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dc.contributor.authorMcFarren, Matthew Alanen_US
dc.date.accessioned2014-03-14T20:32:53Z
dc.date.available2014-03-14T20:32:53Z
dc.date.issued2007-03-22en_US
dc.identifier.otheretd-03262007-133243en_US
dc.identifier.urihttp://hdl.handle.net/10919/31548
dc.description.abstractRobert Agnew proposed a new version of strain theory in 1992. In this article, Agnew argued that strain is not only a result of the blocked opportunity to achieve goals as Merton had argued, but that strain also results from the removal of positively valued stimuli and the presence of negative stimuli. With such a theory, criminologist had focused on how this may explain juvenile delinquency. Yet very little attention was given to how this may affect adult criminality as well. Similarly, Hirschi (1969) presented social control theory as a means of describing the causes of juvenile delinquency. While these theories have been repeatedly tested and supported with respect to delinquency, they have rarely been used to describe adult criminality. This paper intends to compare the utility of Agnewâ s general strain theory and Hirschiâ s control theory in explaining the criminal behavior of fathers. For general strain theory, it is predicted that fathers who have either high contact and low relationship quality or who have low contact and high relationship quality will have significantly higher criminal activity than those who have high contact and relationship quality or low contact and relationship quality. Conversely, social control theory predicts that fathers who have low relationship qualities with their children are more likely to commit criminal acts. This paper aims to ascertain which of these hypotheses is more accurate.en_US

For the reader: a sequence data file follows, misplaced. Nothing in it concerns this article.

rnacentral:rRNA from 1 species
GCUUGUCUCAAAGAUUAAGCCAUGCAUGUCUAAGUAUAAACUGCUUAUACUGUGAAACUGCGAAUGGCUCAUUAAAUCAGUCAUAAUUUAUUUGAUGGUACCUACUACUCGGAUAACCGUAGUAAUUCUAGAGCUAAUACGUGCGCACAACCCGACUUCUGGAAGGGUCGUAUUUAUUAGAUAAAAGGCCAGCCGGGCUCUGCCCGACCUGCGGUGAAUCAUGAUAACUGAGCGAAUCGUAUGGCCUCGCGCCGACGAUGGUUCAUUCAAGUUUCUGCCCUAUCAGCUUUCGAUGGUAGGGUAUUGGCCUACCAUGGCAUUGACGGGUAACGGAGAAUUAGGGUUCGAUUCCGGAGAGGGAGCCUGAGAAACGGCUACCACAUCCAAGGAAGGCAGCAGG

dc.publisherVirginia Techen_US
dc.relation.haspartMattThesis.pdfen_US
dc.relation.haspartIRBApproval.pdfen_US
dc.rightsI hereby certify that, if appropriate, I have obtained and attached hereto a written permission statement from the owner(s) of each third party copyrighted matter to be included in my thesis, dissertation, or project report, allowing distribution as specified below. I certify that the version I submitted is the same as that approved by my advisory committee. I hereby grant to Virginia Tech or its agents the non-exclusive license to archive and make accessible, under the conditions specified below, my thesis, dissertation, or project report in whole or in part in all forms of media, now or hereafter known. I retain all other ownership rights to the copyright of the thesis, dissertation or project report. I also retain the right to use in future works (such as articles or books) all or part of this thesis, dissertation, or project report.en_US
dc.subjectCrimeen_US
dc.subjectAttachmenten_US
dc.subjectGeneral Strain Theoryen_US
dc.subjectControl Theoryen_US
dc.titleThe Relationship between Involvement, Strain, and the Criminality of Fathers of At-Risk Childrenen_US
dc.typeThesisen_US
dc.contributor.departmentSociologyen_US
thesis.degree.nameMaster of Scienceen_US
thesis.degree.levelmastersen_US
thesis.degree.grantorVirginia Polytechnic Institute and State Universityen_US
dc.contributor.committeechairHawdon, James E.en_US
dc.contributor.committeememberYuan, Anastasia Sue Vogten_US
dc.contributor.committeememberShoemaker, Donald J.en_US
dc.identifier.sourceurlhttp://scholar.lib.vt.edu/theses/available/etd-03262007-133243/en_US
dc.date.sdate2007-03-26en_US
dc.date.rdate2007-04-10
dc.date.adate2007-04-10en_US


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